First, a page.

By Anisa Alice-Claire.
If you haven’t heard of this series, you’re missing out. Vikings is a historical drama, created by Michael Hirst, and starring actors such as Travis Fimmel, Katheryn Winnich, Gustaf Skarsgard and Alexander Ludwig. The show’s countries of origin are Canada
and Ireland (Yay, Canada!) and it premiered on March 3rd, 2013.
The story is based around the historical figure Ragnar Lodbrok (some say Lothbrook), who, in the show, is portrayed as a farmer in the beginning. He then, through the actions of discovery and successful raiding, raising to fame amongst his local villagers.
Travis Fimmel plays Ragnar in the series and in choosing him, it seemed things might end up a little too ‘Hollywood’ and a lot less authentic, but he definitely proved my initial thoughts wrong. In fact, I would go so far as to say that they managed to cast everyone extremely well. Even the less-known Skarsgard, Gustaf, is epic in his portrayal of Floki, the somewhat spun, somewhat off-balance shipbuilder and best friend of Ragnar.
Interestingly, in history, it’s unknown whether Ragnar actually existed, as there is no solid proof that he did. His story seems to originate from the stories of many historical Viking heroes and rulers. The experts can’t even say for sure whether or not he fathered all of the famous sons he was said to have fathered. Sons such as Ivar the Boneless, Bjorn Ironside, Halfdan Ragnarsson, Sigurd Snake-in-Eye and Ubba.
Legend states that Ragnar was thrice married to Lagertha, the Viking Shieldmaiden from Normay. Her story also appears to be a reflection of the the Norse Deity, Þorgerðr Hǫlgabrúðr (Good luck pronouncing that one!). Her story begins when the king of Sweden invaded Norway and killed the Norwegian king. The women of the dead king’s family were placed in a brothel for public humiliation and when Ragnar heard of the attack, he came to avenge his grandfather, the king of Norway. Many of the abused women dressed in men’s clothing and fought on Ragnar’s side.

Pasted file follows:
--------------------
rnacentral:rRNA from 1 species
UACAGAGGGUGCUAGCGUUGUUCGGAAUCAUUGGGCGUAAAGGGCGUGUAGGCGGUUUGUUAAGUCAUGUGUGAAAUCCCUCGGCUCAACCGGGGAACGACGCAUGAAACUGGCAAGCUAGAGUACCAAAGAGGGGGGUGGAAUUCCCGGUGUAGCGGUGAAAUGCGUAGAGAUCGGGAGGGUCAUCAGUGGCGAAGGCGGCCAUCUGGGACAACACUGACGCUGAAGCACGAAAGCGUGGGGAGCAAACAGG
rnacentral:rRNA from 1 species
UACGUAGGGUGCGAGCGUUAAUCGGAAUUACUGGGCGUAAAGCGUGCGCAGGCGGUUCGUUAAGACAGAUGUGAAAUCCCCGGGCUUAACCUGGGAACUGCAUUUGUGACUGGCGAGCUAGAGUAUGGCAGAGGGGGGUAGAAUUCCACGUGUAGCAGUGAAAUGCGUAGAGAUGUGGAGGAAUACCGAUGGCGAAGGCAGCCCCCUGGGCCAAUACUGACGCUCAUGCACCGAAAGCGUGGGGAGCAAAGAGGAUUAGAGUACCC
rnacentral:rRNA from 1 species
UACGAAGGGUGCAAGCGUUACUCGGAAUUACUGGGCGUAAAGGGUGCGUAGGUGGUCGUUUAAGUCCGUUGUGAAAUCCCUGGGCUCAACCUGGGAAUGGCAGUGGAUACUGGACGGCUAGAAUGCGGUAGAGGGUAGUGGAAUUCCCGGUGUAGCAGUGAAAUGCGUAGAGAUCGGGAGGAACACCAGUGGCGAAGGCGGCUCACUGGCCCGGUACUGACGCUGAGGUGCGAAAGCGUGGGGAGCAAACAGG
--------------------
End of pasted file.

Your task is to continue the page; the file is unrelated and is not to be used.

Lagertha, as history would write it, fought with her hair loose over her shoulders, betraying that she was a woman. Ragnar was impressed with her courage and then courted her. The story goes on saying that Ragnar killed the bear guarding Lagertha’s home with a spear and then proceeded to choke the hound, who was also guarding her home, to death. That won her hand in marriage. I laugh, only because if this is true, wow. That’s quite the courting.
Even after divorcing Lagertha, because he apparently was upset about the bear and the hound, Ragnar called upon her for help in battle. And because she still loved him, she came to his aid. Awe, now if that isn’t true love, I don’t know what is. Anyway, I digress. Lagertha arrived with 120 ships, according to Saxo, right when Ragnar needed help the most.
Back to the television show, it does follow history lightly by weaving through the vague guidelines provided by historians. However, the creator, Michael Hirst, has had to fill in some blanks on his own, as there isn’t enough information available to make a complete series. So far, I think he’s doing a marvelous job. Even the way the actors speak is believable and, surprisingly, not annoying. I find many historical recreations try too hard with the language and it ends up not sounding very natural at all. Especially because the challenge is that we now speak with contractions whereas back then they did not.
There are some brutal scenes, savage even, but all in all, it’s what you would expect from a T.V. series called ‘Vikings’. If you’re expecting something PG, this is not the show. I am excited for season three to launch in February this year.
If you would like to tune in, the show airs on the History Channel CA and US.
Anisa A. Claire manages property by day and is an eclectic author by night. She is also the creator and co-owner of Writer’s Carnival, a successful online community for writers. She has multiple publications in e-zines such as Long Story Short, 69 Flavors of Paranoia, The Short Humour Site, and Blood Magazine. She’s placed in, and won various contests, and completed in last year’s 3-Day Novel competition.